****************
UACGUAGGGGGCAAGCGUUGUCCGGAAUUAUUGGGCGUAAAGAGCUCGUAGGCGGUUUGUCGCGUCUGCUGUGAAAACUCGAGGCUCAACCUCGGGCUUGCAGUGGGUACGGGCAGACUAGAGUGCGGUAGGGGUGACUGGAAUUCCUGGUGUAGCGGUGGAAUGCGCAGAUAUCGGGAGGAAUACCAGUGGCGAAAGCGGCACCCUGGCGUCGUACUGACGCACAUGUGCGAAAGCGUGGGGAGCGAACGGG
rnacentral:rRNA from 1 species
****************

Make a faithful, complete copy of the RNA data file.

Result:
UACGUAGGGGGCAAGCGUUGUCCGGAAUUAUUGGGCGUAAAGAGCUCGUAGGCGGUUUGUCGCGUCUGCUGUGAAAACUCGAGGCUCAACCUCGGGCUUGCAGUGGGUACGGGCAGACUAGAGUGCGGUAGGGGUGACUGGAAUUCCUGGUGUAGCGGUGGAAUGCGCAGAUAUCGGGAGGAAUACCAGUGGCGAAAGCGGCACCCUGGCGUCGUACUGACGCACAUGUGCGAAAGCGUGGGGAGCGAACGGG
rnacentral:rRNA from 1 species